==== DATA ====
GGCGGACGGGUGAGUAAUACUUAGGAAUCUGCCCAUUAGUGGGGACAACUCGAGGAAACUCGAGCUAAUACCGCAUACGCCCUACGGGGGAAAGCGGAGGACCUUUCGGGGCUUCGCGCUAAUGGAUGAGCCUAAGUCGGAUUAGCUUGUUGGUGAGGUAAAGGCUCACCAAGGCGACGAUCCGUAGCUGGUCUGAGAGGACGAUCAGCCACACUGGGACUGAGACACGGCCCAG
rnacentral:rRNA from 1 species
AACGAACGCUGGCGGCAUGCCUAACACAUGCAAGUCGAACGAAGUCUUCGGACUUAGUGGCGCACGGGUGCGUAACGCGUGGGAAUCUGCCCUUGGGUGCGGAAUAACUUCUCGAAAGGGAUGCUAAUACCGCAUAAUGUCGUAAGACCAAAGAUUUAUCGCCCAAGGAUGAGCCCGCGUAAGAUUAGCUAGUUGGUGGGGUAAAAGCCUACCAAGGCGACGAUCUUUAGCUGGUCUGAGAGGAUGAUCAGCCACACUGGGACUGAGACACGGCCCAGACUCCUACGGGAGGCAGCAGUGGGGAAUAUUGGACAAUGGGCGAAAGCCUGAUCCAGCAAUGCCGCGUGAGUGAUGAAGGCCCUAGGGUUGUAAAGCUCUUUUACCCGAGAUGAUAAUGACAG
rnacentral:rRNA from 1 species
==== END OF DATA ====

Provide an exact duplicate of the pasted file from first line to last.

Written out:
GGCGGACGGGUGAGUAAUACUUAGGAAUCUGCCCAUUAGUGGGGACAACUCGAGGAAACUCGAGCUAAUACCGCAUACGCCCUACGGGGGAAAGCGGAGGACCUUUCGGGGCUUCGCGCUAAUGGAUGAGCCUAAGUCGGAUUAGCUUGUUGGUGAGGUAAAGGCUCACCAAGGCGACGAUCCGUAGCUGGUCUGAGAGGACGAUCAGCCACACUGGGACUGAGACACGGCCCAG
rnacentral:rRNA from 1 species
AACGAACGCUGGCGGCAUGCCUAACACAUGCAAGUCGAACGAAGUCUUCGGACUUAGUGGCGCACGGGUGCGUAACGCGUGGGAAUCUGCCCUUGGGUGCGGAAUAACUUCUCGAAAGGGAUGCUAAUACCGCAUAAUGUCGUAAGACCAAAGAUUUAUCGCCCAAGGAUGAGCCCGCGUAAGAUUAGCUAGUUGGUGGGGUAAAAGCCUACCAAGGCGACGAUCUUUAGCUGGUCUGAGAGGAUGAUCAGCCACACUGGGACUGAGACACGGCCCAGACUCCUACGGGAGGCAGCAGUGGGGAAUAUUGGACAAUGGGCGAAAGCCUGAUCCAGCAAUGCCGCGUGAGUGAUGAAGGCCCUAGGGUUGUAAAGCUCUUUUACCCGAGAUGAUAAUGACAG
rnacentral:rRNA from 1 species